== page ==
Architecting GloCal (Global-local), Real-virtual Incubator Networks (G-RVINs) as Catalysts and Accelerators of Entrepreneurship in Transitioning and Developing Economies: Lessons Learned and Best Practices From Current Development and Business Incubation Practices

Elias G. Carayannis*, Maximilian Von Zedtwitz

*Corresponding author for this work

Research output: Contribution to journalJournal articleResearchpeer-review


Entrepreneurship is at the heart of sustainable, organic growth for most developed, as well as transitioning and developing economies and incubators have often served as catalysts and even accelerators of entrepreneurial clusters formation and growth.

Our premise is that this may be more so in less developed economies where incubators can help bridge knowledge, digital, socio-political and even cultural divides and help increase the availability, awareness, accessibility and affordability of financial, human, intellectual, and even social capital, the key ingredients of entrepreneurial success.

Incubation has recently experienced increased attention as a model of start-up facilitation. Venture capitalists see incubators as a means to diversify risky investment portfolios, while would-be entrepreneurs approach incubators for start-up support. Incubators are faced with the challenge and the opportunity of managing both investment risks, as well as entrepreneurial risks. As an indication of their usefulness, more than a thousand incubators have been established in the last few years based on a number of different incubation business models (not-for-profit, for-profit, public/private entity, etc.), which we categorize in five incubator archetypes: the university incubator, the independent commercial incubator, the regional business incubator, the company-internal incubator, and the virtual incubator.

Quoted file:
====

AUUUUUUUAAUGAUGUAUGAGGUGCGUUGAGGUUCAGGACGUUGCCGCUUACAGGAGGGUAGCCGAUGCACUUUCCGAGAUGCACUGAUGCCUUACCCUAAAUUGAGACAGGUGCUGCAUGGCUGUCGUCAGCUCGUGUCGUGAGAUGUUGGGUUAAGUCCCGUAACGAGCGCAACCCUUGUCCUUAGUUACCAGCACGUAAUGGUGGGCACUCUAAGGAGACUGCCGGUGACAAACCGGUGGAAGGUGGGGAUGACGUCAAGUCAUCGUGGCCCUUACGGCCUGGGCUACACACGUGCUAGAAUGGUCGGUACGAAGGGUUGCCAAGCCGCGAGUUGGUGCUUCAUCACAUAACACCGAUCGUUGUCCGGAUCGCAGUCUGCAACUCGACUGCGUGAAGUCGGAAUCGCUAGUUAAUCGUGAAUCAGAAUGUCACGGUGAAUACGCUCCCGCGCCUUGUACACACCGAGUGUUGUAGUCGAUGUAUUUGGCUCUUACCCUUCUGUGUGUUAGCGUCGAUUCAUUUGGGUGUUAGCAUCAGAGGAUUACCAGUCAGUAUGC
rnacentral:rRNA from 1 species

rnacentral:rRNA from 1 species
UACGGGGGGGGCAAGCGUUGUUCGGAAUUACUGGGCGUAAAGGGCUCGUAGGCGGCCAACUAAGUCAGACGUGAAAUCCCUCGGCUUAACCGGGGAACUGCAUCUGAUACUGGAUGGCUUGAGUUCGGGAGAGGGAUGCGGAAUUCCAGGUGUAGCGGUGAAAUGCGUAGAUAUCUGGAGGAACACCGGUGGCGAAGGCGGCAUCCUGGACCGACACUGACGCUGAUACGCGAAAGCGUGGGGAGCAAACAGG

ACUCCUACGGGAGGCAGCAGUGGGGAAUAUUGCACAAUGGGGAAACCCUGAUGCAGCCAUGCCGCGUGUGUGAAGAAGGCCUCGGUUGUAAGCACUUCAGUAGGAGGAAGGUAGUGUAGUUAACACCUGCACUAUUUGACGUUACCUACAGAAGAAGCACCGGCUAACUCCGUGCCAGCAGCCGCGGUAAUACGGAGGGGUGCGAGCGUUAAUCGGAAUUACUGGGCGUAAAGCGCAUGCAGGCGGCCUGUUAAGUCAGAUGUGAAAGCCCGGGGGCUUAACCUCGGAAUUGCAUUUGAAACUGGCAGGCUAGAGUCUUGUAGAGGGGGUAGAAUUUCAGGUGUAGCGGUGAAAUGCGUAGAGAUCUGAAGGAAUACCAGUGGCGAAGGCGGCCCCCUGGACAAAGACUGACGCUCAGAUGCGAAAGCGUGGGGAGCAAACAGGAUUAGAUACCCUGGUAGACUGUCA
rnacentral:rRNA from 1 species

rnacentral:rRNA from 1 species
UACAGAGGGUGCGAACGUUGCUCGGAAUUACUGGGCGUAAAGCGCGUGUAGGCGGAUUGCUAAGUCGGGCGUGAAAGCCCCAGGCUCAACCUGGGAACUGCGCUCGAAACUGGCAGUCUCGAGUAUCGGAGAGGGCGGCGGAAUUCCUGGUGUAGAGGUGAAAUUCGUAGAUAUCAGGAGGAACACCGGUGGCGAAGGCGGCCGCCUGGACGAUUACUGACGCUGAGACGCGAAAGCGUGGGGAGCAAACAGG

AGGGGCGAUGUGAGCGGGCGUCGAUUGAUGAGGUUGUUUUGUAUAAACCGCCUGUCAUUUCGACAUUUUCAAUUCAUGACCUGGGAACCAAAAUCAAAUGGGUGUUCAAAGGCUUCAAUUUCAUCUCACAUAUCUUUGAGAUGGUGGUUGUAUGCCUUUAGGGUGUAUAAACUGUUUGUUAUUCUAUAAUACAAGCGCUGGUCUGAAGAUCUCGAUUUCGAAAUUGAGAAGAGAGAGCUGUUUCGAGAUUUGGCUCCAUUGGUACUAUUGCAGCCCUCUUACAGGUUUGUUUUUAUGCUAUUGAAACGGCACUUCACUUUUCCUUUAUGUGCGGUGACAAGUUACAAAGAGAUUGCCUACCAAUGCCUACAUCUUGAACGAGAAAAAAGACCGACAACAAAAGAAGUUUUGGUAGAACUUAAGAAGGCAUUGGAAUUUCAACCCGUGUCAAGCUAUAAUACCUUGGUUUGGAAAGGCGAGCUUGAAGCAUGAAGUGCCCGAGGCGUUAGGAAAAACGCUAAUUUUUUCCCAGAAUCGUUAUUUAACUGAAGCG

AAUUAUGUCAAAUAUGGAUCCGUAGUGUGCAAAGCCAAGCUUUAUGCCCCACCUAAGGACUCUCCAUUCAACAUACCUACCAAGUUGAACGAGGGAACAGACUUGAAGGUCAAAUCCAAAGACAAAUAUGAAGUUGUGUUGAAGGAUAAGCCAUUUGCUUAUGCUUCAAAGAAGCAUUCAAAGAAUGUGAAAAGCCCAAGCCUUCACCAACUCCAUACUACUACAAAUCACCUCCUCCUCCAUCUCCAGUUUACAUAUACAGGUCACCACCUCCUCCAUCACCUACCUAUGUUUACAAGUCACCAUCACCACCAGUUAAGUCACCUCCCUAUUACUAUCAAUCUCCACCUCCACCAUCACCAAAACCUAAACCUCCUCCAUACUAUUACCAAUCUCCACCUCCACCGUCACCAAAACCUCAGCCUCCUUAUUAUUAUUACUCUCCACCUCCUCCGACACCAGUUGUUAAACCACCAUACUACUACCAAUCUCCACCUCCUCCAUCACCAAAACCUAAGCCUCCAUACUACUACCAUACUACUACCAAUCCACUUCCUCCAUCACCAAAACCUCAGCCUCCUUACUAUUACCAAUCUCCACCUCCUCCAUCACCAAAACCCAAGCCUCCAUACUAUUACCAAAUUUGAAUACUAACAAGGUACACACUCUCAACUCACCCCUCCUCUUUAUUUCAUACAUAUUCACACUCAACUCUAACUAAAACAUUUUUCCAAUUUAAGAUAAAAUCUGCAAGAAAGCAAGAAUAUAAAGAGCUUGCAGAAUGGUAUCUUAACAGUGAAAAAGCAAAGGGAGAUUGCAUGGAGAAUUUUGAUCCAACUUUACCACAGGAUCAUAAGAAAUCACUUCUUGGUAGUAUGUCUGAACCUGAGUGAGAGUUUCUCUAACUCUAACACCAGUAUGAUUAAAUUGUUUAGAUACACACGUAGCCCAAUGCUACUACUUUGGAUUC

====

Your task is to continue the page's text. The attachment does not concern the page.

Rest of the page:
In this paper, we propose an overarching incubator model that synthesizes elements and best practices emanating from the five archetypes empirically identified and also incorporates substantially higher economies of scale and scope, as well as global and local (gloCal) knowledge arbitrage potential. This paper presents an architectural blueprint for designing a gloCal, real and virtual network of incubators (G-RVIN) as a knowledge and innovation infra-structure and infra-technology which would link entrepreneurs and micro-entrepreneurs with local, regional, and global networks of customers, suppliers and complementors and thus help not only bridge, but also leverage, the diverse divides (digital, knowledge, cultural, socio-political, etc.).

The implications of this archetype of new ventures incubation for facilitating both venture business activity and broad-based economic development are discussed and early findings from pilot projects in central and eastern Europe are discussed.

Original languageEnglish
Issue number2
Pages (from-to)95-110
Number of pages16
Publication statusPublished - Feb 2005
Externally publishedYes


  • Business incubation practices
  • Catalysts and accelerators
  • Developing economies
  • Entrepreneurship

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